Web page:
Anti-racist educator, speaker, poet, and researcher Tony DelaRosa just recently made it onto Madison365’s “Wisconsin’s 40 Most Influential Asian American Leaders” list earlier this year, and he is continuing to press forward in the work that landed him on that list with an event tonight held through the support of sponsors in the UW-Madison Curriculum and Instruction Department, the AAPI Coalition of Wisconsin, and UW-Madison Division of Diversity, Equity, and Educational Advancement.
“Combating Omission: Teaching Intersectional Hmong & Asian American Education” will take place from 5-7 p.m. in room 220 of the Teacher Education Building, 225 N. Mills Street in Madison. DelaRosa will be joined by Nicole Louie, associate professor in curriculum and instruction, as well as curriculum and instruction department Ph.D. student Chundou Her and special education Ph.D. student Miso Kwak. The foursome will discuss their work in the context of teaching Asian American history through an intersectional lens.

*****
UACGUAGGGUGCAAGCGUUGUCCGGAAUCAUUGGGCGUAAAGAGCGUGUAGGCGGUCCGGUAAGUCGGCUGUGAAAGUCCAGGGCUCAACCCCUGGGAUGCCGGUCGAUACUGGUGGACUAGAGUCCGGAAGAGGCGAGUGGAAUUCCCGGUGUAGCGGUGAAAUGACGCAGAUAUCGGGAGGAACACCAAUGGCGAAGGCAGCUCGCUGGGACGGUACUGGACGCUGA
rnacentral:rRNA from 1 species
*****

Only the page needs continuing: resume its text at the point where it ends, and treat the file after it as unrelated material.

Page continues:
DelaRosa is an award-winning Filipino American who earned a bachelor of arts degree in Asian Studies at the University of Cincinnati and a master’s of education degree from Harvard University before coming to pursue a Ph.D. in education leadership and policy analysis here at UW-Madison. Topics of discussion will also be pulled from DelaRosa’s recent book, “Teaching the Invisible Race: Embodying a Pro-Asian American Lens in Schools,” and participants will be able to receive a signed copy of the book at the event while supplies last.
There is no cost to attend, and the event will start off with a short lecture by DelaRosa before moving on to moderate a panel discussion including Louie, Her, and Kwak. To learn more about the event and to register, visit the link here.